FrogStomp · 30/07/2014 13:04

Just a another question with regards to vets fees.

I'm only used to owning dogs and have always insured them.

Can you insure GP? sorry if that's a daft question. I don't know what kind of costs each ailment would incur, what kind of ailments are common to GP's?

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70isaLimitNotaTarget · 30/07/2014 13:19

You can insure them , you need to search out a company that will cover them (most are cats/dogs/rabbits) but IIRC if you put in Exotic Pets that would give you some options. (The boars liked being exotic Wink )
Cover / month for my 2 hogs was a ludicrous amount (can't remember exactly but £15+ )
Best thing is find a GP savvy vet (many vets aren't fans of the piggie) and ask about their prices.
I paid £56 to have GP3 neutered ( under a general anaesthetic ) .
GPs don't need vaccines or to be neutered (unless you want boar:sow) unlike rabbits.

The main expenses are : good nail clippers (if you want to do your own) otherwise factor in that cost.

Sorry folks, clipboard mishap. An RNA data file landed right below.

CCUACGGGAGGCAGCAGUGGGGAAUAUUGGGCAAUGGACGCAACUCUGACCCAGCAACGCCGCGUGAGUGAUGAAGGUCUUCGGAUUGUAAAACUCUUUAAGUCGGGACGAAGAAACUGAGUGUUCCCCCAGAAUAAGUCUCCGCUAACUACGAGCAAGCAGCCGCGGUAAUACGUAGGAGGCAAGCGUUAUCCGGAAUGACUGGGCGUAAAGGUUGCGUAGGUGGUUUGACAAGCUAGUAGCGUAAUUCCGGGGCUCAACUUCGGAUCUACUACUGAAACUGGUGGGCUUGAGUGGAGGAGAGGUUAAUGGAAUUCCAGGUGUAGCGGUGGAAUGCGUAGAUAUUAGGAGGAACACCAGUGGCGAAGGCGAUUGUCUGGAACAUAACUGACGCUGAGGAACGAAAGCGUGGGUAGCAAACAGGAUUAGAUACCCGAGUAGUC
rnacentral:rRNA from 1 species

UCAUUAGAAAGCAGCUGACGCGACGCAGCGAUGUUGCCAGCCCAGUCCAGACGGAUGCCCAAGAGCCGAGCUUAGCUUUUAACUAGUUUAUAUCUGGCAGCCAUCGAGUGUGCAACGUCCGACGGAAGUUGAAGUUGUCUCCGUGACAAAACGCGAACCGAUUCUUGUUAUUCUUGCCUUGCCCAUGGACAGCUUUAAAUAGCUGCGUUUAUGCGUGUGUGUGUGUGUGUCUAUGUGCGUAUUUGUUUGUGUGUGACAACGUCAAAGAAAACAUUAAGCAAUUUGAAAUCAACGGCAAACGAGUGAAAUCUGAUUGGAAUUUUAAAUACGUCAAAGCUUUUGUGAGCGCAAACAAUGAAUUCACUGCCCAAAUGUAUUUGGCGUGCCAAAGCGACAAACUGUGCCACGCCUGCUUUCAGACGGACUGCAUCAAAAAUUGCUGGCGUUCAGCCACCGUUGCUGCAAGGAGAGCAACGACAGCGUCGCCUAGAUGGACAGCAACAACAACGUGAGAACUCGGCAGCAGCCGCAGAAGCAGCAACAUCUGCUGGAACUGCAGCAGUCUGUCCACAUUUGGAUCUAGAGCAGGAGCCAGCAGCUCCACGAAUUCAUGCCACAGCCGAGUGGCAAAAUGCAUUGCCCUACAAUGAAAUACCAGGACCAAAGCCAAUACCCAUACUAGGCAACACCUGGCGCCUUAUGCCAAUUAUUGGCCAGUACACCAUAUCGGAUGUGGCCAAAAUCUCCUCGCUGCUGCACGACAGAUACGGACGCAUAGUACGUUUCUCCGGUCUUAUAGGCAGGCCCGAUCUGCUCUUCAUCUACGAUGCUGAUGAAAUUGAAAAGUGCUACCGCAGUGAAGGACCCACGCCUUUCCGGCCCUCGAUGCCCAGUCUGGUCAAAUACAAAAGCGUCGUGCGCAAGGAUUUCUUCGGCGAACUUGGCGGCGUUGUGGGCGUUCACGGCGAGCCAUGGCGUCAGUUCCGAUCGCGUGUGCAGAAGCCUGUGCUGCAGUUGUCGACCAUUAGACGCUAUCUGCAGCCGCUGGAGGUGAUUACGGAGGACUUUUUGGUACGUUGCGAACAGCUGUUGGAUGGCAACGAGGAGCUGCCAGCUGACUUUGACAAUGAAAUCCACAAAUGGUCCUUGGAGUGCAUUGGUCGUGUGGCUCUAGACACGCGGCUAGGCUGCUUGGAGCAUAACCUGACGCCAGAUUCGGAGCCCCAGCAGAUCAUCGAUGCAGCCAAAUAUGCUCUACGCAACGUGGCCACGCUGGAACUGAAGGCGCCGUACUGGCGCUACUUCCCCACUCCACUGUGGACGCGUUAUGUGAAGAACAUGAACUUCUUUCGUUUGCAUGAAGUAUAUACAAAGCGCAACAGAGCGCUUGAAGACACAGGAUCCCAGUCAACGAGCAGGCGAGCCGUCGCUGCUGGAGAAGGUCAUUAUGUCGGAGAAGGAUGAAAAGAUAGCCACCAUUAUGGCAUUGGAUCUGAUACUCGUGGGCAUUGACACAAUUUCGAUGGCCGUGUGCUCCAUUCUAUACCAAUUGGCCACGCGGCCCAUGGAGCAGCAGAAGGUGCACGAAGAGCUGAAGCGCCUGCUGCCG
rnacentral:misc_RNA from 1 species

Routine mite treatment (I use an all in one dropper Xeno 450 -mites and worms)
Some shampoo (look on Gorgeous Guineas website)
Holiday costs

Unfortunately, GPs tend to do the "Well--> Dead" thing, fine one minute, then Sad.
They are lovely animals, have specific needs , and leave a huge GP shaped hole in your heart when they go. But they are worth every minute.

Which reminds me, my sows haven't peed on us yet. Must check they are real, not little fur covered robots, like some Sci -Fi horror Grin

FernieB · 30/07/2014 13:55

My 2 pigs and only bun are not insured. The rabbit has only ever been to the vet for neutering and vaccinations and I just pay up - it's cheaper than insurance.